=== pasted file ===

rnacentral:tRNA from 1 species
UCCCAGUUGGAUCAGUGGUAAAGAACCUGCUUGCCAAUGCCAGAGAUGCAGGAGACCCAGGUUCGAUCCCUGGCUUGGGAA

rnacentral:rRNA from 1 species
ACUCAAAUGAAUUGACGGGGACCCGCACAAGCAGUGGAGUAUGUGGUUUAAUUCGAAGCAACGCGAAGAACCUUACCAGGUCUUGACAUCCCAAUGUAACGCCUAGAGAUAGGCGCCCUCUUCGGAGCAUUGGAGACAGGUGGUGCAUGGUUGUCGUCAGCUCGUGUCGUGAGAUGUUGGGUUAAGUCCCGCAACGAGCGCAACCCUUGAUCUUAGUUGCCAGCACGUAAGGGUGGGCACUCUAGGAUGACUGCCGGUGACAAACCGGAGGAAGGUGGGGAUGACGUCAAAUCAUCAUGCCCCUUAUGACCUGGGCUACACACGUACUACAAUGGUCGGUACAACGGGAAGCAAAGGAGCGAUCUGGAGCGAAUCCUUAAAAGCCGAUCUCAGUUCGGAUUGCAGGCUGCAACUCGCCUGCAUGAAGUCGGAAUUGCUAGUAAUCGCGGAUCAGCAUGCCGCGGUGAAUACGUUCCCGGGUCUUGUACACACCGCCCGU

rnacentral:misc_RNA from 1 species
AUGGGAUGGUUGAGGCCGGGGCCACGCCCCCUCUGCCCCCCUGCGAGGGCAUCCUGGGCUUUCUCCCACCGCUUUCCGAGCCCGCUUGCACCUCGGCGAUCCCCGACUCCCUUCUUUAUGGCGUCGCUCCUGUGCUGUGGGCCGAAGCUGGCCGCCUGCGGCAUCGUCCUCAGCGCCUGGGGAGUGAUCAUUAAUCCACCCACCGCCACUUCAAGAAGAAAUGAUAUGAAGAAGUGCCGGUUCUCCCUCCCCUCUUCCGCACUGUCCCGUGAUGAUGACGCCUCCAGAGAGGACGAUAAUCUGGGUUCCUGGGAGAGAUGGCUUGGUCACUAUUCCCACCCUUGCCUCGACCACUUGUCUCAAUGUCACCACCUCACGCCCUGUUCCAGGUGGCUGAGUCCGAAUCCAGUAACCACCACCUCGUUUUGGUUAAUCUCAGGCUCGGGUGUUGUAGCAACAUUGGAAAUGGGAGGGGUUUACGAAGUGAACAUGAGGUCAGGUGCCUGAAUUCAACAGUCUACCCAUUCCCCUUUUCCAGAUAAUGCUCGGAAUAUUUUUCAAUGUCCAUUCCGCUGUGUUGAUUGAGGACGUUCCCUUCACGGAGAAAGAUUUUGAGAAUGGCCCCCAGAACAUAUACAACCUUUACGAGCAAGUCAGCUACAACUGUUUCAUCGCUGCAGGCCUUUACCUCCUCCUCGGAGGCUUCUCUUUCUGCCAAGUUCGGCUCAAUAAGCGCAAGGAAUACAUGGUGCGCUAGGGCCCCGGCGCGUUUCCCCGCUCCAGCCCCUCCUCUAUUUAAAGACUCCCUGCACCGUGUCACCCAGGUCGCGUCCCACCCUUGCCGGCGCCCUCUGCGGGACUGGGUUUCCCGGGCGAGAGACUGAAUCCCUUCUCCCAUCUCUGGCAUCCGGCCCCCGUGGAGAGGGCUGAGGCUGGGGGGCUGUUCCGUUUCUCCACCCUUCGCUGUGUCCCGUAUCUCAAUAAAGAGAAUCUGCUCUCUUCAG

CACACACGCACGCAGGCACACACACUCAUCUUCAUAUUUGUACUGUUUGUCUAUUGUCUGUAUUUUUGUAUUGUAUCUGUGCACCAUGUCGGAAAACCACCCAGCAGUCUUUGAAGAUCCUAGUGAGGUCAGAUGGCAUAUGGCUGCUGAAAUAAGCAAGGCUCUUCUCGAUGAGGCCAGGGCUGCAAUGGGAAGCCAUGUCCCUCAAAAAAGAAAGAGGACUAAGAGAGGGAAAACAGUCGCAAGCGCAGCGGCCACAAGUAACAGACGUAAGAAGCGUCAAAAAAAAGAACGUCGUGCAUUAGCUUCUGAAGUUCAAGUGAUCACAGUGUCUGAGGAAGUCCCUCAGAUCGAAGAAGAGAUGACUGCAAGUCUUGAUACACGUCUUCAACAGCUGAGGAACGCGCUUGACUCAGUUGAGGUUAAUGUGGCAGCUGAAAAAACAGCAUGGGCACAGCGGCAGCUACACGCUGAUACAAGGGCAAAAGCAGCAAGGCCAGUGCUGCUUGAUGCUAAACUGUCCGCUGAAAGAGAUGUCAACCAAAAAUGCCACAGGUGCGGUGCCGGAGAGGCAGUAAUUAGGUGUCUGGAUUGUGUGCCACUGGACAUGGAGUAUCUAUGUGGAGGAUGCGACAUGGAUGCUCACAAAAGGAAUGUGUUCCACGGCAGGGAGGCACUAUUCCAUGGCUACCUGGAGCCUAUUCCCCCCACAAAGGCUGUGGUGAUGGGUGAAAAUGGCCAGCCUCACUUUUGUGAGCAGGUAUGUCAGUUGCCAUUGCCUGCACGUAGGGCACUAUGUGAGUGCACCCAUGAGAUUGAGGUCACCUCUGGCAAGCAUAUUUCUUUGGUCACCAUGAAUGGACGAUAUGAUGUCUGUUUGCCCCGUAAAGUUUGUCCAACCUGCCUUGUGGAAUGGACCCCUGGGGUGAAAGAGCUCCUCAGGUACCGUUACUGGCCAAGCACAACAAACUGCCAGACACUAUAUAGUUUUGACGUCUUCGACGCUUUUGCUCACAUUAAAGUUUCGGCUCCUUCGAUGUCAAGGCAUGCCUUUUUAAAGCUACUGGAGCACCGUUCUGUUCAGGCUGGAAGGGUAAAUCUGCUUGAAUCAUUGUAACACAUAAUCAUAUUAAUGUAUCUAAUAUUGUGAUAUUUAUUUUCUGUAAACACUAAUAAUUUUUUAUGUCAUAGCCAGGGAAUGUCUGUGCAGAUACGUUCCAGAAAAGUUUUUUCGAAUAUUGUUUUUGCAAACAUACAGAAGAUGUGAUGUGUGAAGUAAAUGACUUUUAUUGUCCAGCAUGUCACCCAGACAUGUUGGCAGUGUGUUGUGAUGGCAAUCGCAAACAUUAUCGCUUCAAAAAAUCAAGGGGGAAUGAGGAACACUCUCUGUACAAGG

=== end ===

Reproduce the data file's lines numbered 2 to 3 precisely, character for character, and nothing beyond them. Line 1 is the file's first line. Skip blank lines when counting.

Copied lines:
UCCCAGUUGGAUCAGUGGUAAAGAACCUGCUUGCCAAUGCCAGAGAUGCAGGAGACCCAGGUUCGAUCCCUGGCUUGGGAA

rnacentral:rRNA from 1 species